The proof in this case showed that only Nicolaou and Poole were in the cell, and that Poole's death was not from natural causes, but from violence. Whether the beating was with some instrument never found, or with hands and/or feet is unknown. The record does show that Poole was brutally and savagely beaten, and that he died as a result of the violence inflicted upon him. The evidence also showed that Poole had been tied and bound off and on during that day around his wrists and ankles. Finally, the record reveals that Nicolaou was the person who bound Poole, and inflicted the death causing injuries.

The only eyewitness to this slaying is Nicolaou. When he was being taken downstairs he asked Deputy Sheriff Wilkerson if Poole was dead, and when Wilkerson replied that he thought so, Nicolaou responded that he had gone crazy and could not stop, that Poole would not stop "messing" with him. He made no attempt to explain how Poole was "messing" with him. There was nothing about this statement to indicate that he had acted in lawful self-defense, or that Poole had committed some outrageous act justifiably provoking Nicolaou into some rage, and thereby entitling him to a manslaughter instruction. Ruffin v. State, 444 So.2d 839 (Miss.1984); Dalton v. State, 141 Miss. 841, 105 So. 784 (1925); Miss.Code Ann. Sec. 97-3-35 (1972).

When Nicolaou testified in his own behalf at trial, he could recall nothing that happened after supper. He testified the reason he tied Poole up was to keep him from rummaging through his personal belongings.

Counsel for Nicolaou in his brief overlooks some well-settled law. In Musselwhite v. State, 212 Miss. 526, 54 So.2d 911 (1951); and again in Talbert v. State, 347 So.2d 352 (Miss.1977), and Terry v. State, 348 So.2d 774 (Miss.1977), we upheld murder convictions committed by defendants who were unarmed.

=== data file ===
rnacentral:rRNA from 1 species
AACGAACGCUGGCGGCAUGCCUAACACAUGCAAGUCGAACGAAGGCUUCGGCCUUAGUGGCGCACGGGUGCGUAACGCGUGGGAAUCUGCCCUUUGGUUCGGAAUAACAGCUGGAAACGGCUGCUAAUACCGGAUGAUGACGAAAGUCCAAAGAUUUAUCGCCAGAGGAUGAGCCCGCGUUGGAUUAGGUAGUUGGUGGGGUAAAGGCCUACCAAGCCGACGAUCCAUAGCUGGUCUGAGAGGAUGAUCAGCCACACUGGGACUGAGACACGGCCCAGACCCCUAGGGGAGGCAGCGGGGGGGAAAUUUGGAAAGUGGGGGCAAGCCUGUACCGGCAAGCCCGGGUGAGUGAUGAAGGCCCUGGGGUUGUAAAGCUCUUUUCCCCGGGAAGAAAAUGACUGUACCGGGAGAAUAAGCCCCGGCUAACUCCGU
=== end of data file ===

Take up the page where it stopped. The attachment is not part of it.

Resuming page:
The Alabama Supreme Court has set forth the rationale:

[A]s a general rule, when a person enters into combat with another, intending no more serious injury than an ordinary battery, and no weapon is used, and death ensues, the person thus causing death, if his acts were wrongful or unlawful, and nothing more appears, would be guilty of no higher grade of homicide than manslaughter in the first degree.... Still, if the force used is excessive, and the assault is brutal, malice...

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46 cases
  • Smith v. State
    • United States
    • Mississippi Supreme Court
    • December 10, 1998 inadequate instruction or no instruction at all on malice, although it was an element of the charged offense, citing, Nicolaou v. State, 534 So.2d 168 (Miss.1988); Cooley v. State, 346 So.2d 912 (Miss.1977); and Newell v. State, 308 So.2d 71 s 91. This assignment must fail for several re......
  • Smith v. State, 93-DP-00821-SCT.
    • United States
    • Mississippi Supreme Court
    • December 10, 1998 inadequate instruction or no instruction at all on malice, although it was an element of the charged offense, citing Nicolaou v. State, 534 So.2d 168 (Miss.1988); Cooley v. State, 346 So.2d 912 (Miss.1977); and Newell v. State, 308 So.2d 71 s 147. This assignment must fail for several re......
  • Burns v. State
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    • Mississippi Supreme Court
    • November 19, 1998
    ...was done in the heat of passion. Because the burden to overcome the presumption of murder lies with the defendant, Nicolaou v. State, 534 So.2d 168, 171-72 (Miss.1988), and because Burns failed to meet this burden, this issue is without XIV. THE TRIAL COURT ERRED BY FAILING TO INSTRUCT THE ......
  • Abram v. State
    • United States
    • Mississippi Supreme Court
    • July 29, 1992
    ...essential element of the crime of [malice aforethought] murder is the felonious and premeditated intent to kill ..." Nicolaou v. State, 534 So.2d 168, 174 (Miss.1988). Too, the evidence must support a finding that the killing was not committed during the commission of armed robbery in order......